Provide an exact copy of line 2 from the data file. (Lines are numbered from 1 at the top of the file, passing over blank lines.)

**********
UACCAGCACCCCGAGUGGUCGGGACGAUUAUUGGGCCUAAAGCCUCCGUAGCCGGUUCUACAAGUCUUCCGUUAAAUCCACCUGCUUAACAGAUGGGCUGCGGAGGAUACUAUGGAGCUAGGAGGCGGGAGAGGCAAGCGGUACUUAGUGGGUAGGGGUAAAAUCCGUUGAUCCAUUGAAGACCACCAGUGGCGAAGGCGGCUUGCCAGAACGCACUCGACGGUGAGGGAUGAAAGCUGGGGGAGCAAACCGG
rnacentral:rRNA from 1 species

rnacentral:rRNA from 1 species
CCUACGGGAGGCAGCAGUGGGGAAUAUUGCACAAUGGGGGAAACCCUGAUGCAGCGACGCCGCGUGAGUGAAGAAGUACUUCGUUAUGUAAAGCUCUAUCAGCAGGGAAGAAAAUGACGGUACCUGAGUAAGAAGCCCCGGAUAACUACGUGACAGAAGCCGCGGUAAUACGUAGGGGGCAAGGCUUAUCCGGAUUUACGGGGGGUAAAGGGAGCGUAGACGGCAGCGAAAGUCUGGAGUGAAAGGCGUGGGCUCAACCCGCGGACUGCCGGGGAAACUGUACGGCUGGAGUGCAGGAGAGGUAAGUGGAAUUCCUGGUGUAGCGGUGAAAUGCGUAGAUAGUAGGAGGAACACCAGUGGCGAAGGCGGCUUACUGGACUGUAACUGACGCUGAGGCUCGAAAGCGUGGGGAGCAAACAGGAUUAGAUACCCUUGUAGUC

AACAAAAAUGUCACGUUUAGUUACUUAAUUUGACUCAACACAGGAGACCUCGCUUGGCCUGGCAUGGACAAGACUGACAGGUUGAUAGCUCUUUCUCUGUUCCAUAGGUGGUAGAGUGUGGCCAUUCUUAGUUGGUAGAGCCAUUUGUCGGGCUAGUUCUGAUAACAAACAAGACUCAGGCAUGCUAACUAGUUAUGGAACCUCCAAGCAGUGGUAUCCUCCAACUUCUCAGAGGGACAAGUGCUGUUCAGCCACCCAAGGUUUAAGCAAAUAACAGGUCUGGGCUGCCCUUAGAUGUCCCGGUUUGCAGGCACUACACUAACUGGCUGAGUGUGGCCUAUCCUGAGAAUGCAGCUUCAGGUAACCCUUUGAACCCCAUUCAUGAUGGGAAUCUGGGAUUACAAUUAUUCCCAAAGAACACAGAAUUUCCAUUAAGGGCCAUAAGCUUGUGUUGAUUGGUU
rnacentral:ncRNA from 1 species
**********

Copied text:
rnacentral:rRNA from 1 species